Leukaemia is a cancer that occurs when abnormal blood stem cells (immature white blood cells) are produced in the bone marrow. Normally white cells develop, repair and reproduce in an orderly fashion. The leukaemia cells do not mature, and therefore are not able to function as immune cells, but they keep on dividing in the bone marrow.

The two most common types of leukaemia found in children are Acute Lymphoblastic Leukaemia (ALL) and Acute Myeloid Leukaemia (AML). Leukaemia accounts for about 35% of all childhood cancers.

Acute cancers get worse very quickly if they are not diagnosed and treated.

All blood cells are made in the bone marrow which contains:

  • Red blood cells: They carry oxygen around the body
  • White blood cells: They help the body fight infection
  • Platelets: They help the blood clot and control bleeding

Acute Myeloid Leukaemia (AML) is also known as Acute Nonlymphocytic Leukaemia, Acute Myeloblastic Leukaemia, Acute Granulocytic Leukaemia, or Acute Myelogenous Leukaemia..

AML occurs when the myeloid stem cells produce too many immature white blood cells called myeloblasts (or myeloid blasts). These are abnormal cells that do not become healthy blood cells and build up in the bone marrow, leaving insufficient space for the healthy white blood cells, red blood cells, and platelets. This can lead to anaemia or easy bleeding, and the leukaemia cells can spread to other parts of the body such as the gums and the central nervous system (brain and spinal cord), and the skin.

Causes of Acute Myeloid Leukaemia

Although a lot of research has been and is still being done as to the causes of Acute Myeloid Leukaemia, the exact cause, as with other leukaemias, is not known. There are, however, several risk factors that have been associated with AML, such as the Myelodysplastic syndromes (MDS) or aplastic anaemia (when associated with certain genetic syndromes like Fanconi’s anaemia).

Children with genetic disorders such as Li-Fraumeni syndrome and Down’s syndrome are known to have a higher risk of developing AML. AML may occur after treatment with certain anticancer drugs and/or radiation therapy.

Signs and Symptoms

Some of the typical signs and symptoms of AML are:

  • Lethargy, weakness, pallor, dizziness, night sweats, or shortness of breath
  • Flat, pinpoint spots under the skin called petechiae, caused by a low platelet count.  
  • Fever with or without an infection
  • Aches and pains in the limbs
  • Swollen lymph glands
  • Painless lumps called leukaemia cutis, which may be blue or purple in the neck, stomach, groin, or underarm
  • Painless lumps called chloromas that may be a blue-green

Many of the above symptoms could also be a sign of a different medical condition. Children will not normally complain of feeling sick, very tired or weak, so if they do, please consult your child’s doctor immediately.

Tests and Diagnosis

AML can be diagnosed or staged using the following tests and procedures:

  • Physical Exam and History: The doctor will perform a physical examination, checking your child’s general health as well as checking for anything unusual or any lumps. The doctor will also request complete medical history including health habits, past illnesses and eating habits.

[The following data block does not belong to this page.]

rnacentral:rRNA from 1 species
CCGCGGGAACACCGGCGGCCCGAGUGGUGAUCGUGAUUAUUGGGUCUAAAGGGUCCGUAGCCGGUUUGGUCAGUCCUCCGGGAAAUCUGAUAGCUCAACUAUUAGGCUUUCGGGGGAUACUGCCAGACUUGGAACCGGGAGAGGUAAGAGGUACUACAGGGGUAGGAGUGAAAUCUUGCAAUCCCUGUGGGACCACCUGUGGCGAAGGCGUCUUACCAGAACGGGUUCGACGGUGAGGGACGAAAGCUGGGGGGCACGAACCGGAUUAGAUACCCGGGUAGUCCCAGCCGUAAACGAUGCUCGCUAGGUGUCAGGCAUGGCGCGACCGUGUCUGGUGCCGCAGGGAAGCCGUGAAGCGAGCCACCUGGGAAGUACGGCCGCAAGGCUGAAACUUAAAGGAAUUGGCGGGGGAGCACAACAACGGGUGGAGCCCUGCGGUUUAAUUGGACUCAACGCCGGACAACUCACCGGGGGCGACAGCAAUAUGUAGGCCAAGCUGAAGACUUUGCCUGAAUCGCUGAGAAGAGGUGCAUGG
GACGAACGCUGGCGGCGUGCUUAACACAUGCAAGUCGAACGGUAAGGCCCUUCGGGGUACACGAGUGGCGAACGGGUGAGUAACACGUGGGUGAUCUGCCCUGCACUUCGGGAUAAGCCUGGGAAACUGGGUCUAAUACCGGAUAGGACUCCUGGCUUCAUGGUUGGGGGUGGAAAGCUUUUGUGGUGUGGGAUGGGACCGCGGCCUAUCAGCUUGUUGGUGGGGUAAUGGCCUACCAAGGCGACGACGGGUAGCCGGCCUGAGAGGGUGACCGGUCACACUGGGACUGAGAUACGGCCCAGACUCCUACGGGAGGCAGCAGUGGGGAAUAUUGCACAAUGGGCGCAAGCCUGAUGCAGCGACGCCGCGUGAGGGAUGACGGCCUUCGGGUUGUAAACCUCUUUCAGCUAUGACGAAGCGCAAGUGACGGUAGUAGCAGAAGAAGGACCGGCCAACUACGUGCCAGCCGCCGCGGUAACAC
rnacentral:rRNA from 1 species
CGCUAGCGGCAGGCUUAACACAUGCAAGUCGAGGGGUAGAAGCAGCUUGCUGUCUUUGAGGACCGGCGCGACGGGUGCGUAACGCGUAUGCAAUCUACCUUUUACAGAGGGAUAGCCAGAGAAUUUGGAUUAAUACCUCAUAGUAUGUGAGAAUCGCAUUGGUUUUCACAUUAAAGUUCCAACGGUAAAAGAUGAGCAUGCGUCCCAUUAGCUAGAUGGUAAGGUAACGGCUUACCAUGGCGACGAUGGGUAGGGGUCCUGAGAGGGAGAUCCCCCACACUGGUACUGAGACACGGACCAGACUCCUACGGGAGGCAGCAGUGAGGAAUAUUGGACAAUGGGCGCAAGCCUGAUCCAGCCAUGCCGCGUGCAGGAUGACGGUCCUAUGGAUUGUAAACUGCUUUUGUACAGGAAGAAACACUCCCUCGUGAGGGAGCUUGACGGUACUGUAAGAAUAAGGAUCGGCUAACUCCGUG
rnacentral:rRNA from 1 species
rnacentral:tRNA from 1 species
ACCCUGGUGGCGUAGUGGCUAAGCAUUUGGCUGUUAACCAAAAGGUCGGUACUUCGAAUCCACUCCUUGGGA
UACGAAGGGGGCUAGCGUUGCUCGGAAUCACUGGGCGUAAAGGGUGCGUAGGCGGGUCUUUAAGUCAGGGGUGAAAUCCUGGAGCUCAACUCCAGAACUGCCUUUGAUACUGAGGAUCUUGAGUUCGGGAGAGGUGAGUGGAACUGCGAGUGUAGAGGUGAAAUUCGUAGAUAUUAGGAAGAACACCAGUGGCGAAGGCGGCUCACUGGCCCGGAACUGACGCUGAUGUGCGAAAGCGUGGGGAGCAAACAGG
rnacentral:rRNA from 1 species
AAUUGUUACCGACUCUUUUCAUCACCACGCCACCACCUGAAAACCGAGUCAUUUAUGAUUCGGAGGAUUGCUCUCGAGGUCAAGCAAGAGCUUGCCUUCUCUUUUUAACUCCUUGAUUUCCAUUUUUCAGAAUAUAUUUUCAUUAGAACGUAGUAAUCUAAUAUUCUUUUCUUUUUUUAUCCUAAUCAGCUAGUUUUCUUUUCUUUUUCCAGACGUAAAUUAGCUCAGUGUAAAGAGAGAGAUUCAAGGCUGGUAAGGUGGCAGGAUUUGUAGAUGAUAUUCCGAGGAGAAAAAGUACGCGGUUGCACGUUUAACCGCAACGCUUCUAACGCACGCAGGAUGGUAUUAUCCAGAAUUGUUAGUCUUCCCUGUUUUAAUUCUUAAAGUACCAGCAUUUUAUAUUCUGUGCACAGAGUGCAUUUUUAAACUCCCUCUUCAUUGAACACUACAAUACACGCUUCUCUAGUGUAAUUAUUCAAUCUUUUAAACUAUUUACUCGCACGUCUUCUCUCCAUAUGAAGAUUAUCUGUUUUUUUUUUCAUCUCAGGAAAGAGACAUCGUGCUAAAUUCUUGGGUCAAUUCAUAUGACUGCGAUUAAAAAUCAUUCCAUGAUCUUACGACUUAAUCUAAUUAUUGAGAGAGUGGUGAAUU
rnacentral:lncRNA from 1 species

• A Complete Blood Count (CBC): This procedure is crucial in the diagnosis of leukaemia and will involve blood being drawn and sent for various tests to check the number of red blood cells, white blood cells, and platelets, and the amount of haemoglobin (the protein that carries oxygen) in the red blood cells
  • A Bone Marrow Aspiration and Biopsy: A sample of the bone marrow is required to confirm the diagnosis. This is done by inserting a hollow needle into the hipbone or breastbone and withdrawing a sample. These samples, containing blood, bone, and bone marrow are scrutinised under a microscope in a laboratory test.

Other tests that may be done include x-rays, a complete blood count, blood chemistry studies, Cytogenetic analysis, or a lumbar puncture amongst others.

Treatment Options

Treatment options consist of:

Chemotherapy, the use of a combination of anti-cancer drugs to destroy cells is the correct treatment for AML in children.

  1. Induction: Intensive treatment of a combination of chemotherapy drugs. A bone marrow test is done at the end of this phase to determine whether the child still has leukaemia. If there is none, the child is in remission.
  2. Post-remission treatment is often given when there is no sign of leukaemia in the blood or bone marrow, to destroy any lurking leukaemia cells and prevent the AML from returning.
  3. A Bone marrow transplant is indicated in children with AML.

Some of the treatment options may result in after-effects such as nausea, vomiting, irritation or soreness of the skin from radiation, hair loss, risk of infection, fatigue, bruising and bleeding or diarrhoea. The doctor should explain all of this to you, but if they do not, please ask them about side effects.

Awareness Ribbon Colour

Acute Myeloid Leukaemia Awareness Ribbon

The awareness ribbon colour for Acute Myeloid Leukaemia (AML) is Orange.

The awareness ribbon colour for Acute Myeloid Leukaemia (AML) is Orange.

This article was researched and written on behalf of Little Fighters Cancer Trust by Billi du Preez of Red Feather Scribe.

Academic Editing by Dr Marc Hendricks MBChB (UCT), DIP PEC (SA), DCH (SA), FCPaeds (SA), CMO Paeds (SA) Senior Specialist, Paediatric Oncologist Red Cross War Memorial Children’s Hospital

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